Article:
Narrative of the Life of Frederick Douglas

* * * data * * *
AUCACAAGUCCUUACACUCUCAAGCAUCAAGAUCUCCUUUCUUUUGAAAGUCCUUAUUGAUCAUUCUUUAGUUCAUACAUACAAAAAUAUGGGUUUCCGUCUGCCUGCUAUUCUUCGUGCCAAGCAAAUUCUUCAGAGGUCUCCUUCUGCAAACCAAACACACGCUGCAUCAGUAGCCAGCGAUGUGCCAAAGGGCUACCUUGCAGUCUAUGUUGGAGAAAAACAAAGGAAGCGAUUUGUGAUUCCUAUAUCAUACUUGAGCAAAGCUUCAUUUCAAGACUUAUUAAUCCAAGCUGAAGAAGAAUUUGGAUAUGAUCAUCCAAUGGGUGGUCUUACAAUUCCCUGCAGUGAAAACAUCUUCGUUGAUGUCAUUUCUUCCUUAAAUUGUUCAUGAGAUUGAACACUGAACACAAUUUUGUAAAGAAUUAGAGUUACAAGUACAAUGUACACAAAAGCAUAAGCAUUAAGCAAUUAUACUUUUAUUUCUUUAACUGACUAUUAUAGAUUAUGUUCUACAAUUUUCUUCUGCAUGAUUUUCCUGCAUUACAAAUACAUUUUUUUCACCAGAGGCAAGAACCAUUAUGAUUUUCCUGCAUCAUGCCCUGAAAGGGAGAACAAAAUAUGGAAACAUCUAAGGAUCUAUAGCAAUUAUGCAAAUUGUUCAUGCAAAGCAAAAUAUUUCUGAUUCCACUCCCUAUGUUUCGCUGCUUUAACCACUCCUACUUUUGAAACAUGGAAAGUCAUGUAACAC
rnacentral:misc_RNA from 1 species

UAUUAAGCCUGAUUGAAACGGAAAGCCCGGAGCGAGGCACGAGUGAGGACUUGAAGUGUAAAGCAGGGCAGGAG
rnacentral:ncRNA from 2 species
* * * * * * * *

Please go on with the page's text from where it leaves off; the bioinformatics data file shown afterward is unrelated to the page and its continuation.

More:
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Narrative of the life of Frederick Douglass It is the narrative by Frederick Douglass that unveils the truly evil face of slavery. He writes of some of the most ghastly and inhuman practices and the total denial of justice to the slaves. In the track of his Narrative, he tells of two instances of lethal brutality, --in one of which a planter intentionally and consciously shot a slave belonging to an adjoining plantation, who had accidentally gotten inside his lordly domain in search of fish; and in the other, a supervisor blew out the brains of a slave who had escaped to a brook of water to get away from a bloody scourge. Mr. DOUGLASS affirms that in neither of these cases was any thing done by way of officially authorized arrest or legal inquiry. The idea is that it should never be forgotten, that no slaveholder or superintendent can be convicted of any offence committed on the person of a slave, no matter how tyrannical it may be, on the authentication of colored eyewitness, whether bond or free. By the slave convention, they are regarded as being as inept to testify in opposition to a white man, as though they were in reality a part of the beast or animal creation. Hence, there is no legal shelter in fact, whatever there may be in structure, for the slave population; and any amount of brutality may be imposed on them with impunity. This narrative brings forth questions like, is it likely for the human mind to imagine of a more ghastly and hideous state of society? I WAS born in Tuckahoe, near Hillsborough, and about twelve miles from Easton, in Talbot county, Maryland. I have no accurate knowledge of my age, never having seen any authentic record containing it. By far the larger part of the slaves know as little of their ages ... ... middle of paper ... ...fairness he experience. 2 The hopelessness he faces at one point also makes the writer contemplate suicide. This clearly enough represents the mental anarchy many other slaves would have been victims of. Heinous practices have been described including severe beating of women slaves till they bled and whipping. In the conclusion, the book by Frederick Douglass seems apparently more reliable as he had been through first hand experience himself as a slave and had a lot of information to offer that revealed many practices whose tyranny only a slave who had seen them carried before his eyes could put in words. References Frederick Douglass; Unknown, 1995 Narrative of the Life of Frederick Douglass 1995 Michele A. Henkel; 2002, Forging identity through literary re-interpellation: the ideological project of Frederick Douglass's narrative literature and psychology, 2002

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